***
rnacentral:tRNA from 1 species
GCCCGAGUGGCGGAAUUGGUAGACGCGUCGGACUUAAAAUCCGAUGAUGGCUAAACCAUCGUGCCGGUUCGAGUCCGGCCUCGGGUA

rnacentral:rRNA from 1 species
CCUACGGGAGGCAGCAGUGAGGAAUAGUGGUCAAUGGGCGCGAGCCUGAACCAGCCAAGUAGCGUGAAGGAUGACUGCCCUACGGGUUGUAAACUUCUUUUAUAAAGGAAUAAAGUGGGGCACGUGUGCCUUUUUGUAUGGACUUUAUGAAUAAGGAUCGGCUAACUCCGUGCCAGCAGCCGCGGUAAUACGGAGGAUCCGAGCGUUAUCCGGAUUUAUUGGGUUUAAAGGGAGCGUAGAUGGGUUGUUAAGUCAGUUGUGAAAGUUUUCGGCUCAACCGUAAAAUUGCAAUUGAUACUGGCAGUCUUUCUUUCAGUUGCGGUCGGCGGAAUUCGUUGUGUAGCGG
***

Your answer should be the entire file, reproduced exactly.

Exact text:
rnacentral:tRNA from 1 species
GCCCGAGUGGCGGAAUUGGUAGACGCGUCGGACUUAAAAUCCGAUGAUGGCUAAACCAUCGUGCCGGUUCGAGUCCGGCCUCGGGUA

rnacentral:rRNA from 1 species
CCUACGGGAGGCAGCAGUGAGGAAUAGUGGUCAAUGGGCGCGAGCCUGAACCAGCCAAGUAGCGUGAAGGAUGACUGCCCUACGGGUUGUAAACUUCUUUUAUAAAGGAAUAAAGUGGGGCACGUGUGCCUUUUUGUAUGGACUUUAUGAAUAAGGAUCGGCUAACUCCGUGCCAGCAGCCGCGGUAAUACGGAGGAUCCGAGCGUUAUCCGGAUUUAUUGGGUUUAAAGGGAGCGUAGAUGGGUUGUUAAGUCAGUUGUGAAAGUUUUCGGCUCAACCGUAAAAUUGCAAUUGAUACUGGCAGUCUUUCUUUCAGUUGCGGUCGGCGGAAUUCGUUGUGUAGCGG